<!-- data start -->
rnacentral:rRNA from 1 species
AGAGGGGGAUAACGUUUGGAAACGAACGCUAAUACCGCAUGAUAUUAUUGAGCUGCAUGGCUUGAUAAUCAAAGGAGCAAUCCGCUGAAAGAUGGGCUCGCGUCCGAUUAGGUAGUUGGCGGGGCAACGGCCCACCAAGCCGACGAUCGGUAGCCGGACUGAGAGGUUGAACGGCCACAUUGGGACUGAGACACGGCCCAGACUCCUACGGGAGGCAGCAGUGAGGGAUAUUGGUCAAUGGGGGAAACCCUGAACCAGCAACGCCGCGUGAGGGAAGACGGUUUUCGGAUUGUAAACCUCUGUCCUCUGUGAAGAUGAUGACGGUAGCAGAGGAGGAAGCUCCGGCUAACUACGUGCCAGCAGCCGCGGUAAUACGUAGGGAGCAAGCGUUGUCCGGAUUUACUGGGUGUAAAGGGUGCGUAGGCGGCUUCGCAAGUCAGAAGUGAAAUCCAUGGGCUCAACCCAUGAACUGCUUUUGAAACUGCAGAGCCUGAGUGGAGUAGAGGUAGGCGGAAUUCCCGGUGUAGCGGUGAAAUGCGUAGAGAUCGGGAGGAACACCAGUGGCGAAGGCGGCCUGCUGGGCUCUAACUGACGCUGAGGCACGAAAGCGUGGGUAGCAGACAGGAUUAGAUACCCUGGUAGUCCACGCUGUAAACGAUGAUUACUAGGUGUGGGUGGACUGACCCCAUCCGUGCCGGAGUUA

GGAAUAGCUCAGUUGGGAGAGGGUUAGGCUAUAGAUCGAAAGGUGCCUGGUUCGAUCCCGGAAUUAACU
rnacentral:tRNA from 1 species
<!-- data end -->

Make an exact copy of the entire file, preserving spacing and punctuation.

rnacentral:rRNA from 1 species
AGAGGGGGAUAACGUUUGGAAACGAACGCUAAUACCGCAUGAUAUUAUUGAGCUGCAUGGCUUGAUAAUCAAAGGAGCAAUCCGCUGAAAGAUGGGCUCGCGUCCGAUUAGGUAGUUGGCGGGGCAACGGCCCACCAAGCCGACGAUCGGUAGCCGGACUGAGAGGUUGAACGGCCACAUUGGGACUGAGACACGGCCCAGACUCCUACGGGAGGCAGCAGUGAGGGAUAUUGGUCAAUGGGGGAAACCCUGAACCAGCAACGCCGCGUGAGGGAAGACGGUUUUCGGAUUGUAAACCUCUGUCCUCUGUGAAGAUGAUGACGGUAGCAGAGGAGGAAGCUCCGGCUAACUACGUGCCAGCAGCCGCGGUAAUACGUAGGGAGCAAGCGUUGUCCGGAUUUACUGGGUGUAAAGGGUGCGUAGGCGGCUUCGCAAGUCAGAAGUGAAAUCCAUGGGCUCAACCCAUGAACUGCUUUUGAAACUGCAGAGCCUGAGUGGAGUAGAGGUAGGCGGAAUUCCCGGUGUAGCGGUGAAAUGCGUAGAGAUCGGGAGGAACACCAGUGGCGAAGGCGGCCUGCUGGGCUCUAACUGACGCUGAGGCACGAAAGCGUGGGUAGCAGACAGGAUUAGAUACCCUGGUAGUCCACGCUGUAAACGAUGAUUACUAGGUGUGGGUGGACUGACCCCAUCCGUGCCGGAGUUA

GGAAUAGCUCAGUUGGGAGAGGGUUAGGCUAUAGAUCGAAAGGUGCCUGGUUCGAUCCCGGAAUUAACU
rnacentral:tRNA from 1 species